KUWAIT CITY, Jan 24, (Agencies): Undersecretary of Ministry of Education Haitham Al-Atari insisted that legal measures will be taken against expatriate teachers who offer private tuitions to students without the approval of the ministry.
These legal measures include termination of the teacher’s contract. In a statement to KUNA on Monday, Al-Atari affirmed the genuine keenness of the ministry to ban the phenomenon of private tuitions which violates the laws and regulations.
He revealed that expatriate employees are barred from taking up jobs other than their professional occupation without official permission, adding, “Those who break these regulations will face disciplinary measures.” Kuwait’s educational authorities have been regularly issuing warnings against private tutoring in order to curb this growing phenomenon which has grave social and economic implications. The reason behind the growth of this phenomenon is the fear among students that they will not pass their examinations without the help of private tutors.
Parents, due to their keenness for the educational success of their children, send the latter to private tutors, ensuring their children are part of small study groups if they cannot have access to individual tutoring. Gazi Al-Rashidi, a professor at Kuwait University warned against the booming business of private tuitions, indicating that it now involves all stages of formal education — from high schools to universities — and is causing a deplorable social and economic situation in the country.
He revealed, “Tutors are making a fortune of about KD 500 a day or KD 15,000 a month, as each student now pays up to KD 150 for one hour of private tuitions.” “This has created a new culture. Today, several university teachers are booking tables in restaurants and high-class cafes in Kuwait City to offer private courses. Most of these courses cost KD 150 per hour and tutors spend six hours a day to give private lessons, thereby making KD 900 a day.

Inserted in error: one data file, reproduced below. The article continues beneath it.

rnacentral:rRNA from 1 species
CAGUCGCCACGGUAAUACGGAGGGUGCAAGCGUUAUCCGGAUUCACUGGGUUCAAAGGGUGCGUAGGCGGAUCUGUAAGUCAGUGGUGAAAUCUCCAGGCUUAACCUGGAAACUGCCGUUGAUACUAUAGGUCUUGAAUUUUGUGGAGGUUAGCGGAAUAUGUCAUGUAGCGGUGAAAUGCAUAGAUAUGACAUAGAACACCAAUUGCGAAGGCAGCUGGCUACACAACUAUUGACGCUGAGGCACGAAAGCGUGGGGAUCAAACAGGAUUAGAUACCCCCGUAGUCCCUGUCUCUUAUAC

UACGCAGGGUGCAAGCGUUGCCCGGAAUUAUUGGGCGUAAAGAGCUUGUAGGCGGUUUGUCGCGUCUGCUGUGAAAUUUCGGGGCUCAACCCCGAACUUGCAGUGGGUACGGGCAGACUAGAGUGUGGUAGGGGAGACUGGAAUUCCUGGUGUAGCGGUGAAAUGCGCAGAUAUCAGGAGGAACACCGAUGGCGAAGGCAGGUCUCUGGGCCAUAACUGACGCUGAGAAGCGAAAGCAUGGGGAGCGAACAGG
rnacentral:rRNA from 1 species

In one case, a teacher made KD 1,000 per day by offering private tuitions. By continuing to do this, he can become a millionaire within two years,” Al-Rashidi added. However, he warned that this leads to extremely heavy financial burden on families. Al-Rashidi said, “During exam days, families have to put aside more than KD 800 to finance private courses. The tuitions are not limited to science subjects. This phenomenon is now turning into a general culture in Kuwait, as parents seem helpless and authorities are maintaining silence.”
He lamented that private tuitions is in fact a black market where parents and students are forced to access in order to secure educational success, adding, “Teachers are taking full advantage of the situation, seeking to make easy gains in the shortest time possible. All this is a clear indication of the deficiencies in the educational system of Kuwait.”
Al-Rashidi stressed that the social and economic impacts of this phenomenon are too signifi cant to be ignored, stressing the need to “stop this hemorrhage and prevent education from becoming a way for teachers to make easy money by selling the illusion of success of students and compromise their future.” According to the Central Statistics Bureau, there are 30,915 non-Kuwaiti employees in the Ministry of Education, including 17,110 women and 13,805 men, as of 2015. This fi gure is the highest in any of the state ministries. Ministry of Health is in second place with a total of 29,814 expatriate employees